Sefer TorahThe Titanic Torah

by Rabbi Israel Rubin

It is highly doubtful that they had a Torah scroll aboard the Titanic. Actually, a Torah scroll would have felt out of place amidst all the ritz, glitz and glamour on the grand luxury liner. Flaunting their jewelry and obsessed with materialism, the passengers probably wouldn't list a Torah among their treasures.

Yet the Titanic is making such big waves these days, that everyone and everything is being swept up with it. In fact, it was probably the word "Titanic" in the title of this article that first caught your eye and prompted you to read on.

But now that you've come aboard, please relax and make yourself comfortable. Be my guest and join me, if you will, on a little pre- holiday cruise in preparation for Shavuot (this year beginning Saturday night, May 30 and ending on Monday evening, June 1), marking the day when we received the Torah at Sinai.

Admittedly, Torah and the Titanic don't really go together. The Titanic offered thrills, rollicking fun and frolic, while the Torah requires serious study and observance.

A Torah's top wooden handles are no match for the Titanic's towering masts or looming smokestacks. A Torah is richly dressed up in velvet with gold embroidery and decked out in silver, but it probably wasn't fashionable in the vogue of that period.

The Torah may not feature majestic ballrooms, but it's been a virtual lifeboat for over 3,000 years. As a people, we've had some very rough sailing, but the Torah has weathered many a storm, and continues full steam ahead to this day.

This may sound strange, but Torah students can benefit from the Titanic! Hollywood has managed to turn this century's greatest disaster into a great success. Why, indeed, has everyone fallen in love with an old, rusting wreck?

It's not just a quaint fascination with a famous story. Actually, all the information about the Titanic had long been common knowledge. Books, periodicals and movies had already fully documented the tragic event. So what's the secret that propelled a sunken shipwreck into a super production?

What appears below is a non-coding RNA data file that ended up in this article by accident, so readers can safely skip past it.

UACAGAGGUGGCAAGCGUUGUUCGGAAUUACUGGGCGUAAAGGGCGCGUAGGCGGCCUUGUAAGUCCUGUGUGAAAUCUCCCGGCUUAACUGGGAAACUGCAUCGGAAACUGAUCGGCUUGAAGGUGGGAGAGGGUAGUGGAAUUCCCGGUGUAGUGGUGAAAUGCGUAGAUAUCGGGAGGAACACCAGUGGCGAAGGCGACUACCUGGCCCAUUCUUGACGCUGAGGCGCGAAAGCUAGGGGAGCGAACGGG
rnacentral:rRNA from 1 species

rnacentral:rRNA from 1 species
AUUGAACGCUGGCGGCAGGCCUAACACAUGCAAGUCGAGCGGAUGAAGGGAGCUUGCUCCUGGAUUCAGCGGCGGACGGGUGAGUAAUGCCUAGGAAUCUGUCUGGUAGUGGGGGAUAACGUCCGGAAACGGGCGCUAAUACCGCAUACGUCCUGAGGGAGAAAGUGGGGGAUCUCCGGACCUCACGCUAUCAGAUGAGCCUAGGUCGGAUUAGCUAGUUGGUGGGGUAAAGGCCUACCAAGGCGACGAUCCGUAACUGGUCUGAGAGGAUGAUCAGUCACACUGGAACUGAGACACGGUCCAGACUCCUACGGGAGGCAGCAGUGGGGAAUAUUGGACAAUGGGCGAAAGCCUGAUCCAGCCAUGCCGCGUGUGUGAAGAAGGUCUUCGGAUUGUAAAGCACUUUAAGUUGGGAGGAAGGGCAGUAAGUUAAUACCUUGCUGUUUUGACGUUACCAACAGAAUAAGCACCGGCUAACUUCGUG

Obviously, it's not the story itself, but how it is told, that makes all the difference!

Titanic's success shows us the value of breathing new life into a story, to make it alive in a real way. Just telling the dry facts isn't enough. The story should be personalized, and it is so important to put warmth and inspiration into it. We don't study Torah just for old times' sake, as an archaic, once-upon-a-time story from days gone by. Indeed, Chasidic teachings encourage us to "live with the times," by studying a portion of the weekly Torah reading each day.

The Torah's stories and issues continue to be relevant and contemporary; Abraham, Isaac, Jacob, Sara, Rebbeca, Rachel and Leah are here and now. And on Shavuot, we bring along the children to hear the Ten Commandments, as we personally relive our experience at Sinai.

Our cruise is just about over, for very soon our ship will come in. We will reach our final dock in Moshiach's times when "Divine wisdom will fill the earth, as the waters cover the sea" (Isaiah 10). Then we will fully appreciate Torah's great depth, for what seems to be superficial stories are just the tip of the iceberg.